JACKSON, Tenn. – Dec. 20, 2004– Enduring unsought and unwelcome circumstances in life – like Joseph did in Egypt – is one of the keys to success in life, Barry Black told a group of Union University graduates at their commencement service Dec. 18 at West Jackson Baptist Church.
Black, the 62nd chaplain of the U.S. Senate, told how a wrongfully-imprisoned Joseph rose to a position of prominence in Egypt because he remained faithful despite his circumstances.
“There are redemptive possibilities in your setbacks if you will persevere,” Black said. “Instead of throwing in the towel, when the storms of life rage, cry out with the poet, ‘I wanna let go, but I won’t let go.’”
Black delivered the commencement address to a record group of 275 graduates. That is the largest number of graduates since Union began the fall graduation in 1997. Last December, 242 students graduated from Union.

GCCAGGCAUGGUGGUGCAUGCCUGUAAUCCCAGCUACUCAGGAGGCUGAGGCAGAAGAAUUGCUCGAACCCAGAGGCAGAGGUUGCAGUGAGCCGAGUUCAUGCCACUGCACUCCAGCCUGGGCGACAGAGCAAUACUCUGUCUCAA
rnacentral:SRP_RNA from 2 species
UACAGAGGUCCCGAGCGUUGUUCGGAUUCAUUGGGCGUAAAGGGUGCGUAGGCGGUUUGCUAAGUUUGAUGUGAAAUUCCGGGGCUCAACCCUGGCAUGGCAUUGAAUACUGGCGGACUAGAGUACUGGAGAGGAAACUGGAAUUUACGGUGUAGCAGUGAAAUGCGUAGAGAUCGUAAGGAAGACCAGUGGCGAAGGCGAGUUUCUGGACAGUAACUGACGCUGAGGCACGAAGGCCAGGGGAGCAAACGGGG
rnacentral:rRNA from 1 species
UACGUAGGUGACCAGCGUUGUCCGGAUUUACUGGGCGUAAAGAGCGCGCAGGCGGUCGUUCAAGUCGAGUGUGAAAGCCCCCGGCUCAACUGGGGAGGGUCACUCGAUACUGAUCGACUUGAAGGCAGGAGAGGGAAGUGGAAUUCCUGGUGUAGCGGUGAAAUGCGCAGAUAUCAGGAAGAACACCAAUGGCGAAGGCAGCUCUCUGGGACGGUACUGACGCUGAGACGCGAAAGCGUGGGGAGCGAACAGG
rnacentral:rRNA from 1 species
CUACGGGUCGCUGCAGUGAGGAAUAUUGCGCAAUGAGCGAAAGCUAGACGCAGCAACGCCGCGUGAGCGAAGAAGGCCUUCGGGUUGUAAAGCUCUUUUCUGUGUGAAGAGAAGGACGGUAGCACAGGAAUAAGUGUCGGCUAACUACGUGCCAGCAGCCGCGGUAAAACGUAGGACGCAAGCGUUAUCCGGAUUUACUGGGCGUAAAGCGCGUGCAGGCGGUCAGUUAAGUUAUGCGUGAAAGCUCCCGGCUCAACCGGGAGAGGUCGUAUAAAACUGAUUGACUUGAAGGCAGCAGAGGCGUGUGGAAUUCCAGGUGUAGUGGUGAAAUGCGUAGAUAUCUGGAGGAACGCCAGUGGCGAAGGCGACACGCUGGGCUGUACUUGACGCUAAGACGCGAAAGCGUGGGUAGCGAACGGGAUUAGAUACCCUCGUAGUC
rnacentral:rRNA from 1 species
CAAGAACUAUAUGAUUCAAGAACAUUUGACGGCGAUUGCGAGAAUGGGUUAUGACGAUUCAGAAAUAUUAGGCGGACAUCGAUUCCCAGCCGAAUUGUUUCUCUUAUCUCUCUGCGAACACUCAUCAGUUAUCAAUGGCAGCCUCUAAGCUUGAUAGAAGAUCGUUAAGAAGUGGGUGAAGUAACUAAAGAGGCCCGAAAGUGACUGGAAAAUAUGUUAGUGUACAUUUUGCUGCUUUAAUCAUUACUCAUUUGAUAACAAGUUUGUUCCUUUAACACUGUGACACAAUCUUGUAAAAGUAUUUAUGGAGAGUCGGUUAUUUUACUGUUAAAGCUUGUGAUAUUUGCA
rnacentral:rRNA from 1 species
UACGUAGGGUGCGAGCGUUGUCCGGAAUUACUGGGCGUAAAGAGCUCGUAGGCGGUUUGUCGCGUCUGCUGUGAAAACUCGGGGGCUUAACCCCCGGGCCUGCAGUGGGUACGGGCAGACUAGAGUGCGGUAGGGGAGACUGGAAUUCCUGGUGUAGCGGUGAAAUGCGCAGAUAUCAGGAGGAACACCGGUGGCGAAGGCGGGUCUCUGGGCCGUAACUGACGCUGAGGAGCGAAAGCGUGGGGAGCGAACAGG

In addition to endurance, Black told graduates they needed to be disciplined and obedient if they were to live fruitful lives.
“Whenever you deviate from strict integrity, you are playing spiritual Russian Roulette,” Black said. “One act of disobedience can abort your destiny.”
As part of the graduation ceremony, Union University president David Dockery presented the Robert E. Craig Service Award to Jim Moss, president and chief executive officer of West Tennessee Healthcare in Jackson.
The Craig Service Award is named after the university’s 13th president, who led the university for more than two decades and was responsible for reestablishing Union with the churches of the Tennessee Baptist Convention. Craig was also responsible for relocating the university campus to north Jackson.
“Every nonprofit volunteer agency across the city of Jackson and many businesses have been influenced by Mr. Jim Moss,” Dockery said. “He is a great friend to Union University. Not only has he led West Tennessee Healthcare to support Union University in general, but the nursing school in particular. Each nursing student who graduates today has benefited from the generosity of West Tennessee Healthcare.”
University trustees and faculty also presented Black with an honorary doctor of divinity degree.